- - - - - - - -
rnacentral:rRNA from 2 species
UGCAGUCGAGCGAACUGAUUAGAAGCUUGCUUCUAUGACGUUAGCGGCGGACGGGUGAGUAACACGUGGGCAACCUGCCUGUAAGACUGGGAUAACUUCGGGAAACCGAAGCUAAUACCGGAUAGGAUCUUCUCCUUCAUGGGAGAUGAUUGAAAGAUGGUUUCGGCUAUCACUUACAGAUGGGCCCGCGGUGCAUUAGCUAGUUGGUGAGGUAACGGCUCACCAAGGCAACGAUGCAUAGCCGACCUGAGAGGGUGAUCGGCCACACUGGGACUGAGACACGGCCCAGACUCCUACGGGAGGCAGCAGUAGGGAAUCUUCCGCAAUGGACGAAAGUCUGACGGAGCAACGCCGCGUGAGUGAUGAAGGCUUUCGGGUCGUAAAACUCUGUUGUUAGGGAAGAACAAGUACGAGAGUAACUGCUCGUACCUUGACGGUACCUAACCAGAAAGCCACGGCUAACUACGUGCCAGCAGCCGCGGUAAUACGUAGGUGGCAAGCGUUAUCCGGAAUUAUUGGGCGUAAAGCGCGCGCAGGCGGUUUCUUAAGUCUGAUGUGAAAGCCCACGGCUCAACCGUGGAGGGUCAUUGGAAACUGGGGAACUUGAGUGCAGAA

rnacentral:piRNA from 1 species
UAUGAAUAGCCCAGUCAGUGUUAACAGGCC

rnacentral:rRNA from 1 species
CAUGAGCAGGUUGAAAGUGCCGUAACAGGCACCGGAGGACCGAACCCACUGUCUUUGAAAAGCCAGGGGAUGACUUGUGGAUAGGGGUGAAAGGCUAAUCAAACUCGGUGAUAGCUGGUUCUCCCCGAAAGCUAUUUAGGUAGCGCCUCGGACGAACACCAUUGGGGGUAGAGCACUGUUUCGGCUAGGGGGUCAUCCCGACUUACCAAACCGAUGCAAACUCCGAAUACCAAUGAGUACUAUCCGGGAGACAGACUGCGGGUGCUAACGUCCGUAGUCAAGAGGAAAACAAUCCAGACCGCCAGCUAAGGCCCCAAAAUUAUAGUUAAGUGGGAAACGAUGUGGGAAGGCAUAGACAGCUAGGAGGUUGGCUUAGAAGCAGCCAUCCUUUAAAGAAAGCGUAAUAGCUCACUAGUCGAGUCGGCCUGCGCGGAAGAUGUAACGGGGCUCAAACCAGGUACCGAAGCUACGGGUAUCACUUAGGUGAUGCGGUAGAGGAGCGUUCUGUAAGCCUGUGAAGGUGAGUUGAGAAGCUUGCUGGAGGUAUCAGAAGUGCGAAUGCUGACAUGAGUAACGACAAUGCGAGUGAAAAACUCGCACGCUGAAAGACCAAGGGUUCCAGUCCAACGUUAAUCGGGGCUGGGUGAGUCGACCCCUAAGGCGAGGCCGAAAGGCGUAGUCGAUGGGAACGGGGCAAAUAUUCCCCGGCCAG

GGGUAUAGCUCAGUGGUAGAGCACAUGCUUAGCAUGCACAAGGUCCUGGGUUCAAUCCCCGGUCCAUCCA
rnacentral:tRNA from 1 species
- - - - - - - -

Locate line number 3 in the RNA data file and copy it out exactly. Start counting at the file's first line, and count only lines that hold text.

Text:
rnacentral:piRNA from 1 species